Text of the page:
North Korea sentences US student to 15 years hard labour

North Korean supreme court sentences American student to 15 years hard labour for subversion

Photo by: Reuters
Photo by: Reuters

Otto Frederick Warmbier (C), a University of Virginia student who has been detained in North Korea since early January, is taken to North Korea's top court in Pyongyang, North Korea, in this photo released by Japan's Kyodo news agency, March 16, 2016.

North Korea's supreme court sentenced an American student to 15 years hard labour for crimes against the state, China’s Xinhua news agency reported on Wednesday.

Otto Warmbier, an undergrad student at University of Virginia, said he had tried to steal a propaganda banner as a trophy for an acquaintance who wanted to hang it in her church.

Otto said he was offered a car worth $10,000 if he could get a banner and if he was detained $200,000 would be paid to his mother.

He also said that he had been encouraged by the university's "Z Society,"  a "semi-secret ring society" which he was trying to join.

The act is considered as subversion in the communist state.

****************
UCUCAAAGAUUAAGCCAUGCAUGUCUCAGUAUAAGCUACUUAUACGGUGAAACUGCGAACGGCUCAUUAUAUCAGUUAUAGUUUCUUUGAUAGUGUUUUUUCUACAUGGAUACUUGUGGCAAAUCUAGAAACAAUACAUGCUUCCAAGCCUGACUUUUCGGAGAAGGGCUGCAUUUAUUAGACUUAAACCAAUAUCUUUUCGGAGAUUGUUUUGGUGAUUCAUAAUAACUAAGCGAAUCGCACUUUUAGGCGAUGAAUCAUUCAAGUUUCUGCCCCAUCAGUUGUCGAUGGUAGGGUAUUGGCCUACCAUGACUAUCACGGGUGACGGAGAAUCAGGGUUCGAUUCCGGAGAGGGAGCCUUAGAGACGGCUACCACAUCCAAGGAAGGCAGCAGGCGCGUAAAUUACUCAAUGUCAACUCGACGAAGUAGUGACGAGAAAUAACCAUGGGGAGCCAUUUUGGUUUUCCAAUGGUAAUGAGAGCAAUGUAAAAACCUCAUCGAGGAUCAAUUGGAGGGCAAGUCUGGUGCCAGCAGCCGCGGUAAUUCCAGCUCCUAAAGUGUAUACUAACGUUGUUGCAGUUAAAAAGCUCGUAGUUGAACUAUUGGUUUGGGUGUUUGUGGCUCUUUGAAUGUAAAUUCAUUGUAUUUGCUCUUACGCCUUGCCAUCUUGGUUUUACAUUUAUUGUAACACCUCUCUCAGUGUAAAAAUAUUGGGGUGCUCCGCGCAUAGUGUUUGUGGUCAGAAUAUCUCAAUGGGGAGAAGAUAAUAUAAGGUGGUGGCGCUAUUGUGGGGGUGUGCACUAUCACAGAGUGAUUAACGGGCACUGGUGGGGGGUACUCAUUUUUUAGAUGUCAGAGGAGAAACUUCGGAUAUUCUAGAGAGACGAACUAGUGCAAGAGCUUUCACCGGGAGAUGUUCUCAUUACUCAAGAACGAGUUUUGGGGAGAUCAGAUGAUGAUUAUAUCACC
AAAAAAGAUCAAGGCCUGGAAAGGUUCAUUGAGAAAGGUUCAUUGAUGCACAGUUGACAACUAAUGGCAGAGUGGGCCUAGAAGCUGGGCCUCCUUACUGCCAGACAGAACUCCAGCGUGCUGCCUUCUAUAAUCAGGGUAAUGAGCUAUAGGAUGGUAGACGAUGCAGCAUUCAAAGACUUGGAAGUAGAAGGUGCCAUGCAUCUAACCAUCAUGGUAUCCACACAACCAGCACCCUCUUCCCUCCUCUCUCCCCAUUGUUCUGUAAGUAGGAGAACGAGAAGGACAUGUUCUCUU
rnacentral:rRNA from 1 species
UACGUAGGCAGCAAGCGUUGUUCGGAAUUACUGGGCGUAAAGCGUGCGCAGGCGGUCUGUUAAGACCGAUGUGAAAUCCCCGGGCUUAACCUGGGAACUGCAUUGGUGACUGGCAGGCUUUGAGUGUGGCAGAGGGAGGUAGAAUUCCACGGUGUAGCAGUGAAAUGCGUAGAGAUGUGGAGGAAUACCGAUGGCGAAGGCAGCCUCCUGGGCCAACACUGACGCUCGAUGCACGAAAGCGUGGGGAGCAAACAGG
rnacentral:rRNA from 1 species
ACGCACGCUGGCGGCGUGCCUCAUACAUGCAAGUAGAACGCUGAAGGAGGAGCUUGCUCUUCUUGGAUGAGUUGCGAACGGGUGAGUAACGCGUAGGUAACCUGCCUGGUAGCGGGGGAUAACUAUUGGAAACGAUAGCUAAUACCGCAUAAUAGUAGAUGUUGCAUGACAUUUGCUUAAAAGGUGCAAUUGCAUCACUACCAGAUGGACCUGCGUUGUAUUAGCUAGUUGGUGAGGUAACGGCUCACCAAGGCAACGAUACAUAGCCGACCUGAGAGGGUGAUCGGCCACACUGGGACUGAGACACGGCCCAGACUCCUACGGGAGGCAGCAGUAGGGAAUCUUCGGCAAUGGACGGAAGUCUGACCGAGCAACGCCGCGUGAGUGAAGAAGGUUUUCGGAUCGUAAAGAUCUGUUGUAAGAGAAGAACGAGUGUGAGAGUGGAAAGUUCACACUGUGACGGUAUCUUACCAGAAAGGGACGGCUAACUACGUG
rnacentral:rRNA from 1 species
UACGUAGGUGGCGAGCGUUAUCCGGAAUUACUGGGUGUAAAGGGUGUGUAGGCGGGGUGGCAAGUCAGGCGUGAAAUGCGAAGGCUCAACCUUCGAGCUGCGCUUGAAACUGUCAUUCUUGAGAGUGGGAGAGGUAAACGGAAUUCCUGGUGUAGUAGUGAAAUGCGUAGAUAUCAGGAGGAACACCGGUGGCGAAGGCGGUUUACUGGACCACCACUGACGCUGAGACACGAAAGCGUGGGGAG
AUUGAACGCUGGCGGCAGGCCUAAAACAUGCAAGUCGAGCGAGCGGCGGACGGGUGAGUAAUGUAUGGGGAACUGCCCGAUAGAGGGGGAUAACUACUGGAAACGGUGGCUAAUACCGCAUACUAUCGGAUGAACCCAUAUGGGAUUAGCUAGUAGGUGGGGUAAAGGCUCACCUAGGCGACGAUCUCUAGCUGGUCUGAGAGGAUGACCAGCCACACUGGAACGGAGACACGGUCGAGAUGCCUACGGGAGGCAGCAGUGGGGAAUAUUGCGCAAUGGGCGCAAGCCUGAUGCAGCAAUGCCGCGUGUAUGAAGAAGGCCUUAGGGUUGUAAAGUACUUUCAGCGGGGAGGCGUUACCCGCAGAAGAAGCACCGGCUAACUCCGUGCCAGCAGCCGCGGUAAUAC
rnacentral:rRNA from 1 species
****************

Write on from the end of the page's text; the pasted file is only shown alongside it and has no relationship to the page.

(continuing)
Warmbier, 21, had confessed crimes against the state, he told a media conference in Pyongyang last month that his crime "is very severe and pre-planned."

The court held that he had committed a crime "pursuant to the US government's hostile policy toward [the North], in a bid to impair the unity of its people after entering it as a tourist."

US student Otto Warmbier reacts at a news conference in this undated photo released by North Korea's Korean Central News Agency (KCNA) in Pyongyang on February 29, 2016.

Otto was charged with subversion under Article 60 of North Korea's criminal code.

He was in a New Year's group tour of North Korea when he was delayed at airport immigration before being taken away by officials, according to the tour operator.

Trials for foreigners facing similar charges in North Korea are generally short and punishments severe.

Tourism to North Korea for US citizens is legal and arrests of foreigners are rare. In previous cases people who were detained made public confessions and recanted those statements after their release.

North Korea regularly accuses the US and South Korea of sending spies to overthrow its government to enable the US backed South Korean government to take control of the Korean Peninsula.

TRTWorld and agencies